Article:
How to manage Unified Messaging servers?
Understanding the Unified Messaging role is vital.
The Unified Messaging role in Exchange 2013 enables users to receive voice messages, faxes, and e-mail in the user’s personal Exchange mailbox. This data can then be accessed from a telephone or a computer.
The Unified Messaging acts as the server in an Exchange organization. The Unified Messaging server merges the voice and the messaging environment. Because it allows users to receive voice message, faxes and e-mail in their mailbox, This allows the data to be accessed through multiple ways like telephone, mobile, computer, Outlook voice Access.
GSX Monitor & Analyzer main features
GSX allows the Exchange administrator to monitor Exchange servers that aren’t Client Access Server, Mailbox or HUB, by just adding a server without any role.
In doing this , GSX will make several checks and gathers statistics, in order to determine the availability of the server. As remote Synthetic transactions aren’t possible on the Exchange Unified Messaging server, GSX focuses its monitoring on other aspects.
Critical Windows Services
Each Exchange servers needs several critical Windows services to run. Some are common to every role, while some are specific.
Services that GSX Monitor is checking constantly for the user include :
- Microsoft Exchange Active Directory Topology: This provides Active Directory topology information to Exchange services. If this service is stopped, most Exchange services are unable to start. This service has no dependencies.
- Microsoft Exchange File Distribution: This distributes offline address book (OAB) and custom Unified Messaging prompts. This service is dependent upon the Microsoft Exchange Active Directory Topology and Workstation services.
- Microsoft Exchange Speech Engine: This provides speech processing services for Unified Messaging. This service is dependent upon the Windows Management Instrumentation (WMI) service.
- Microsoft Exchange Unified Messaging: This enables Microsoft Exchange Unified Messaging features. This allows voice and fax messages to be stored in Exchange and gives users telephone access to e-mail, voice mail, calendar, contacts, or an auto attendant. If this service is stopped, Unified Messaging isn't available. This service is dependent upon the Microsoft Exchange Active Directory Topology and the Microsoft Exchange Speech Engine service.
Optional services to monitor for Unified Messaging role include:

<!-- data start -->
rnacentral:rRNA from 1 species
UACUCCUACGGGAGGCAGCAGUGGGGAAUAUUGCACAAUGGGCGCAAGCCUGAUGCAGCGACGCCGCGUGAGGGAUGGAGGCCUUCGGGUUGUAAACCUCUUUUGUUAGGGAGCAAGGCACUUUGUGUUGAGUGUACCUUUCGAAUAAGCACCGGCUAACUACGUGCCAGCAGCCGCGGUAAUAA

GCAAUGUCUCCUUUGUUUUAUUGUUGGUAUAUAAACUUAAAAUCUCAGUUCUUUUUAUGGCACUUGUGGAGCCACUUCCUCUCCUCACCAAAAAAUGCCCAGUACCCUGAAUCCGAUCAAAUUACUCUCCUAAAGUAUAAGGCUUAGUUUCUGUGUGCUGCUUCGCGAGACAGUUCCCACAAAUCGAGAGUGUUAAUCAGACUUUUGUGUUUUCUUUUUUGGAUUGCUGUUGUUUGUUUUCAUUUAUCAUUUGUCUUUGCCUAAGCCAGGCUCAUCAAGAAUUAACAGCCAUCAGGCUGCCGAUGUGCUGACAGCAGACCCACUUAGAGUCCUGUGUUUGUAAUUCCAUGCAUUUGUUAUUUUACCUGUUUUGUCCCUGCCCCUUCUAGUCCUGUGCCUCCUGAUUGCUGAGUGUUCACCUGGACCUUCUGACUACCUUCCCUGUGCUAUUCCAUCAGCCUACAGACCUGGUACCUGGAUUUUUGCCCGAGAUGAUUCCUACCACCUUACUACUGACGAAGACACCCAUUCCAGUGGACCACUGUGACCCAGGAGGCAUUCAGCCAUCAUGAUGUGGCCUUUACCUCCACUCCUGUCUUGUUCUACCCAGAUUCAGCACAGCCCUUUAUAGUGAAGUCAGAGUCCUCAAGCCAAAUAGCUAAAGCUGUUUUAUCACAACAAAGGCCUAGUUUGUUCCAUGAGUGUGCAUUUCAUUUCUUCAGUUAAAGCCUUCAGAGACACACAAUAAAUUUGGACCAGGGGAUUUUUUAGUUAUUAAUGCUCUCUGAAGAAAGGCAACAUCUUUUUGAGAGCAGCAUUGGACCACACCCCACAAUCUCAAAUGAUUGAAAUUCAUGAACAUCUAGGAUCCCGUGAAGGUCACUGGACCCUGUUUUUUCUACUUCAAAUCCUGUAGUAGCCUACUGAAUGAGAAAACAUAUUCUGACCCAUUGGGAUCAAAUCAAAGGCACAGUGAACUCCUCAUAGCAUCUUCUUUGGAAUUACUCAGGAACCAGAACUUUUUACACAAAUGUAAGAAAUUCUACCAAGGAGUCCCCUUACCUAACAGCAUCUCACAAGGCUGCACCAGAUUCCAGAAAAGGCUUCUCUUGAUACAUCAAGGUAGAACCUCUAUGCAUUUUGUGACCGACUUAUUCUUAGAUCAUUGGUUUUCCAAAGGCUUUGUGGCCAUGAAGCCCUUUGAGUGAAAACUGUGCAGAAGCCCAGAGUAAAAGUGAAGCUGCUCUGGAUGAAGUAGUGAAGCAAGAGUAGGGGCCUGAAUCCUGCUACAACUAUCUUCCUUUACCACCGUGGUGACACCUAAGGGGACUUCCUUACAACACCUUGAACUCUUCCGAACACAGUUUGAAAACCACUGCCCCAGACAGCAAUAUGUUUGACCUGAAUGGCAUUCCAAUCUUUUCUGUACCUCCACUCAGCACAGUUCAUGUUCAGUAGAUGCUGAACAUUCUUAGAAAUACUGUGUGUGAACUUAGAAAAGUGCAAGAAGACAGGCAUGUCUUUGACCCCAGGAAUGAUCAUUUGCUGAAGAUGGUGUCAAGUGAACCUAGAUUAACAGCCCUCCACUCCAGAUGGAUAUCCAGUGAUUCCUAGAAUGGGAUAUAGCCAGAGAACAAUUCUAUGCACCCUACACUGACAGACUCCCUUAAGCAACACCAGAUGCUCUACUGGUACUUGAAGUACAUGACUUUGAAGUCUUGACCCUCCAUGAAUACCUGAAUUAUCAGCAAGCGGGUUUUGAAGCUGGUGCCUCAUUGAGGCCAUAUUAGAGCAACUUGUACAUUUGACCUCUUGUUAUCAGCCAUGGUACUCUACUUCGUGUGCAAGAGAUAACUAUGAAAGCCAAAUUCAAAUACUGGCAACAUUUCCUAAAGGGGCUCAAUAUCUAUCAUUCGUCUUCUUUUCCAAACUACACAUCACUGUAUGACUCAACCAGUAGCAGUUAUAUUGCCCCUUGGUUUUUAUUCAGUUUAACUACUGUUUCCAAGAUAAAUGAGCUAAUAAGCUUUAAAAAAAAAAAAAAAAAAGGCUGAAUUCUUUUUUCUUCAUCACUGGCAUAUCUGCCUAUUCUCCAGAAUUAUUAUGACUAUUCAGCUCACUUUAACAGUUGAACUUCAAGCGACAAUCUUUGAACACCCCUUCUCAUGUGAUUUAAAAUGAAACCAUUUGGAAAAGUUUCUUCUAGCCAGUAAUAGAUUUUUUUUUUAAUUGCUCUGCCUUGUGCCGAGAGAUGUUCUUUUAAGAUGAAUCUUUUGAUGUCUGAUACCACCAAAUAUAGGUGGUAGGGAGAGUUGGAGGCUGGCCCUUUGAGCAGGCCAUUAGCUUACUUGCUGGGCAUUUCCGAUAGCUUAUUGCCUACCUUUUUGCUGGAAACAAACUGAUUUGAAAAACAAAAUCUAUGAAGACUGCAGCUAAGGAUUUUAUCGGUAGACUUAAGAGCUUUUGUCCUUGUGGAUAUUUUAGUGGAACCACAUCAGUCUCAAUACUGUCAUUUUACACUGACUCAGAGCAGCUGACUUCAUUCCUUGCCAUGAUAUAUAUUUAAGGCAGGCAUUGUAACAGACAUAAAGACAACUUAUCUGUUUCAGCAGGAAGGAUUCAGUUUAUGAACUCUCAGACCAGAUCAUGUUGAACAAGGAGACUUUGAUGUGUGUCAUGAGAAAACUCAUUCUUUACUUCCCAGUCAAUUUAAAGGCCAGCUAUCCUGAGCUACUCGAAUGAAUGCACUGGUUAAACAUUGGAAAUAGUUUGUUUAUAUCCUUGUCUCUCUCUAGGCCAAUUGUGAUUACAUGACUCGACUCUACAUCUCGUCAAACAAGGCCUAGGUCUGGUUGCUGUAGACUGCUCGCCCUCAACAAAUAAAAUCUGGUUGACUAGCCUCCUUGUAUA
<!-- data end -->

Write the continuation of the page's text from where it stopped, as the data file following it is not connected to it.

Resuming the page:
- Microsoft Exchange Monitoring: This allows applications to call the Exchange diagnostic cmdlets. This service has no dependencies.
Unified Messaging Availability
GSX constantly tries to access to your Unified Messaging server through PowerShell, which basically pings the server in PowerShell to be sure it is available for any command.
PowerShell combines this test with the check of the availability of the Windows-critical service.
This is done to be sure that everything is up and running. In addition, GSX collects system statistics through WMI to troubleshoot your server in case of any detected failure.
Disk Space Alert
GSX allows administrator to set up alert on disk attached to any Exchange server. The alert is sent if the space available is below a certain amount of MB – or percentage of the disk space.
It allows to be proactive, instead of waiting for a storage disk problem to happen.
Autodiscover test and user automatic configuration check
This test checks if the user has the entire needed configuration to access to this services. It is made through the autodiscover test in the CAS section. If it fails, the user can be sure that they will have a problem to access to this service. The user will have access to this test in the Wizard section, and to the results of this test, in the Exchange Statistics view.
Monitoring Maintenance Set up
As servers must have some maintenance windows, GSX provides the opportunity to set up monitoring maintenance windows with Time zone. During this time, GSX will not send alerts, and it will separate the statistics, so that they will not interfere with the SLAs. Two set of statistics will be reported in Analyzer: normal statistics and maintenance statistics.
Statistics and reporting
In GSX Analyzer, the user has the ability to see the performance and the availability statistics in the same way that for another Exchange server.
Therefore, Server Up, Down, average access time, longest downtime, network, CPU, RAM are statistics you can trend that are very useful, to calculate the server availability and detect System problems (CPU overload, not enough, RAM, problem of availability, etc..).
The user can also have all the statistics needed to manage the disk space attached to these servers to trend and forecast them as needed.
Finally, as the voice takes space on the mailboxes, the size statistics of mailboxes (showing the mailbox size and average space) will be more useful in managing this service successfully.